The California Academy of Sciences was one of the first of its kind in the USA, when it opened in 1853. Located in the Golden Gate Park since 1916, it is a patchwork of various constructions built between 1916 and 1991. In the year 2000, Renzo Piano and Chong Partners were given the green light to renovate it. Currently the renovation is still in progress.
There are two guiding principles at the heart of the renovation and expansion of the Academy of Sciences. First and foremost is the desire to keep up with the dramatic evolution of science. By reorganizing the Academy’s spaces, the project will facilitate biological research while simultaneously extending exhibition areas so as to share these developments with an even wider audience.
These changes come at a time when the entire complex is in need of a major seismic upgrade. The new Academy will respond to the latest seismic regulations in order to keep the facility safe and operational.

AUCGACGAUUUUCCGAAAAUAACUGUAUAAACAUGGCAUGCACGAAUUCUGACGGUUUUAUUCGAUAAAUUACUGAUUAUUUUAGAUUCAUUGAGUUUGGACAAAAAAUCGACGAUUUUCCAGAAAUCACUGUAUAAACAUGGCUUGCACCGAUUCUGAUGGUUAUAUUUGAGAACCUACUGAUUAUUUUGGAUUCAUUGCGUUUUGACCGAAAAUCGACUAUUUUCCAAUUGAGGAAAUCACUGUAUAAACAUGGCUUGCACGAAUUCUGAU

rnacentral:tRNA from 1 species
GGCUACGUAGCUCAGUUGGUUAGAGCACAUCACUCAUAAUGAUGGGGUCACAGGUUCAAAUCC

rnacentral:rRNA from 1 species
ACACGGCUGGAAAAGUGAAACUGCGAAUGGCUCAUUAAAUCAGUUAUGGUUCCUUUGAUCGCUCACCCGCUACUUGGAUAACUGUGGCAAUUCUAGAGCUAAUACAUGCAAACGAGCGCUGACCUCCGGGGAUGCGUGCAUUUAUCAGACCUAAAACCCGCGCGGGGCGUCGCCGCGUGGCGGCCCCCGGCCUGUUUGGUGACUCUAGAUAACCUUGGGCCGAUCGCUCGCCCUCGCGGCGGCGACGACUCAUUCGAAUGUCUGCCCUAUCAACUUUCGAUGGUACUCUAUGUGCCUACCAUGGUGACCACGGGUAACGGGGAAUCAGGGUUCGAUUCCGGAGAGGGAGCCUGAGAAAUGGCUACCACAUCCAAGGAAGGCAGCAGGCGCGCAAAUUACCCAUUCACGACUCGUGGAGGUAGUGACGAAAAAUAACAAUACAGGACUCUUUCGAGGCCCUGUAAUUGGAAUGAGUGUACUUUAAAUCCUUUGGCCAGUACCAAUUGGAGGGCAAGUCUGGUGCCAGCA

Today the Academy is an agglomeration of 12 buildings, the by product of successive extentions. The new Academy of Sciences will unify all of the spaces in a single envelope, The African Hall and the Aquarium Vault being the only buildings retained for restoration. The new building will integrate itself more than ever into the natural environment of Golden Gate Park, present in the landscape without being overbearing. It will be more spacious, but will not occupy a larger footprint, both by an extension underground and by a more efficient use of space.
Special attention has being given to the sustainable “green” strategies for the building and its use, as this issue lies at the core of the Academy’s mission. For this reason, the organic roof is the most important architectural feature of the project. Rectangular in plan, but curved in elevation, it will be covered with vegetation and will slope gently over the interior spaces. At the same level as the current buildings, the structure will be perforated at points to allow ventilation, letting fresh air in and warm air out. In other areas, these perforations will naturally light the interior. The glass canopy will have integrated photovoltaic cells, providing power.
The educational side of the institution will grow with a new Naturalist centre, an auditorium, new labs and classrooms. New exhibition spaces will feature many different displays, all referring three main themes: Earth, Ocean and Space.
Article and Images from Renzo Piano Workshop